Skin absorption properties, under diseases conditions, are modified due to the structural variations of chromophores and pigments. The measurement of such different absorptions can be a useful tool for the recognition of different skin diseases. In this study the design of a multi-resonant metamaterial-based sensor operating in the optical frequency range is presented. The sensor has been designed, in order to have multiple specific resonant frequencies, tuned to the skin components spectral characteristics. A change in the frequency amplitude of the sensor response is related to the different absorption rate of skin chromophores and pigments. A new analytical model, describing the multi-resonant sensor behaviour, is developed. Good agreement among analytical and numerical results was achieved. Full-wave simulations have validated the capability of the proposed sensor to identify different skin diseases.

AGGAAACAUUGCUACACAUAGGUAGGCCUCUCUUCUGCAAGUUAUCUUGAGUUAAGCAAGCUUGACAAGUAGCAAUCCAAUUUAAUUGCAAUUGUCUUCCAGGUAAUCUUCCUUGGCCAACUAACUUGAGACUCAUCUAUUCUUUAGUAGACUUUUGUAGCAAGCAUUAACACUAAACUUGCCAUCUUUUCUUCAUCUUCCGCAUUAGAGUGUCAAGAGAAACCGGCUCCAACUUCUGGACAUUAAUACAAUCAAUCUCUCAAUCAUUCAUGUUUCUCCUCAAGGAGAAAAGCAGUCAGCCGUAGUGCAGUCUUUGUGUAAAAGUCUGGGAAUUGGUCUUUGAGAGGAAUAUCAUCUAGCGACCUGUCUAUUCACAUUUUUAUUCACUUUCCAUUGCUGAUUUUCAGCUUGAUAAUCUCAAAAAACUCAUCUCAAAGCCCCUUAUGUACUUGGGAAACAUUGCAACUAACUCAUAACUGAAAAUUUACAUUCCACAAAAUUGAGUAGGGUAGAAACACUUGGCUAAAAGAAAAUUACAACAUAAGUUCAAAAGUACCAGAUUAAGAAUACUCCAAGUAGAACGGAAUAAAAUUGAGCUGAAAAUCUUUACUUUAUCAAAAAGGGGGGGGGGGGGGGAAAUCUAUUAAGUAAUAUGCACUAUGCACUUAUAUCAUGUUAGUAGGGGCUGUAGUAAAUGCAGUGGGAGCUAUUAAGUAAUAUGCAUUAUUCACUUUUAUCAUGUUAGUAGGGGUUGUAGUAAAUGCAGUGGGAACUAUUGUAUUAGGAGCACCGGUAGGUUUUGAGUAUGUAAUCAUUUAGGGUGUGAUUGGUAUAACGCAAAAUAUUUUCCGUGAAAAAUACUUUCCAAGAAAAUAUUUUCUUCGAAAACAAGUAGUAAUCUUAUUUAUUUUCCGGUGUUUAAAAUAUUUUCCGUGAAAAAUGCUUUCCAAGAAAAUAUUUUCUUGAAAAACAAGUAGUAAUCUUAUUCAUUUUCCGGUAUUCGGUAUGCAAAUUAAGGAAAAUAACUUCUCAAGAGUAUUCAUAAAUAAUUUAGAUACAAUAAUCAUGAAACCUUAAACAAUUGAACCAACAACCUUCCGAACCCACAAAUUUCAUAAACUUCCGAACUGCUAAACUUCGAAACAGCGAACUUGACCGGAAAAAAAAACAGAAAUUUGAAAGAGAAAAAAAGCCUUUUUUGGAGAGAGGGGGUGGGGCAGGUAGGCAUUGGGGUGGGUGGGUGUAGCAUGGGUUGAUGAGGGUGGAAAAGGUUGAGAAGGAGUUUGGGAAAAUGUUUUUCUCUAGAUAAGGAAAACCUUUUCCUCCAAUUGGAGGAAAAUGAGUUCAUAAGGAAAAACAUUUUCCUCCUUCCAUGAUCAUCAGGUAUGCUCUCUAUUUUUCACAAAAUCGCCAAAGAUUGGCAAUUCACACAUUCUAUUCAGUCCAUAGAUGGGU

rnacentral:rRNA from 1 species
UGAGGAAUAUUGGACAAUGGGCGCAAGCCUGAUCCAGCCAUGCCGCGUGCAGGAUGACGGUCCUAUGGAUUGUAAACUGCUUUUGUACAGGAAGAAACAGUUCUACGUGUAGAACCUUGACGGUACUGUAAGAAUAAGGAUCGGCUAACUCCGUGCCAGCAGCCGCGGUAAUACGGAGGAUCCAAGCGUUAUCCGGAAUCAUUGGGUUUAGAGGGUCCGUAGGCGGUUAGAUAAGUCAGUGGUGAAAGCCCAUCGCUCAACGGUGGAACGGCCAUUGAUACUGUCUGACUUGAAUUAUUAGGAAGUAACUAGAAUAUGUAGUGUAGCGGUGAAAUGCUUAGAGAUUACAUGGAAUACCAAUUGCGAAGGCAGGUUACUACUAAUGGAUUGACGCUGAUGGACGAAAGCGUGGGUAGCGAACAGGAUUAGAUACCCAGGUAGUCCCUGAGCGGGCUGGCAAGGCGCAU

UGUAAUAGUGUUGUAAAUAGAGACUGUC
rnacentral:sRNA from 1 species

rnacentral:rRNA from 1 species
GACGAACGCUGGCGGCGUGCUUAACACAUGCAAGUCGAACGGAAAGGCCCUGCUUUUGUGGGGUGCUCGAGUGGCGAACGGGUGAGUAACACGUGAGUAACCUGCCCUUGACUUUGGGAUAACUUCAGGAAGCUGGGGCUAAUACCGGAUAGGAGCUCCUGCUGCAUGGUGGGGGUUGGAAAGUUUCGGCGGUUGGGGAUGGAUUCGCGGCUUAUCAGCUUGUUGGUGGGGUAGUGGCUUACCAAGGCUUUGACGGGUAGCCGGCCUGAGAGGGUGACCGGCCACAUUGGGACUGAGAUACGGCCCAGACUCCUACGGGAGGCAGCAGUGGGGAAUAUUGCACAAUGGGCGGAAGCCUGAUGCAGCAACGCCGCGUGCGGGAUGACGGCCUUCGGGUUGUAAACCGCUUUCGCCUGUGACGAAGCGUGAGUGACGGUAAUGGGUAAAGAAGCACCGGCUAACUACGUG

In this contribution optical properties of new metallic nanoparticles for biomedical applications are investigated. These
particles consist of a pair of opposing gold prisms with asymmetric dielectric holes. In this configuration the structure
exhibits multi-resonant behavior in the Visible and Near Infrared Region, useful tool for multi-sensing platform based on
local refractive index measurements. The electromagnetic properties of the structure are evaluated in terms of extinction
cross-section through proper full-wave simulations. The sensitivity performances for the local refractive index variation
are discussed. The obtained results show that the proposed particles could be efficiently applied for sensing applications.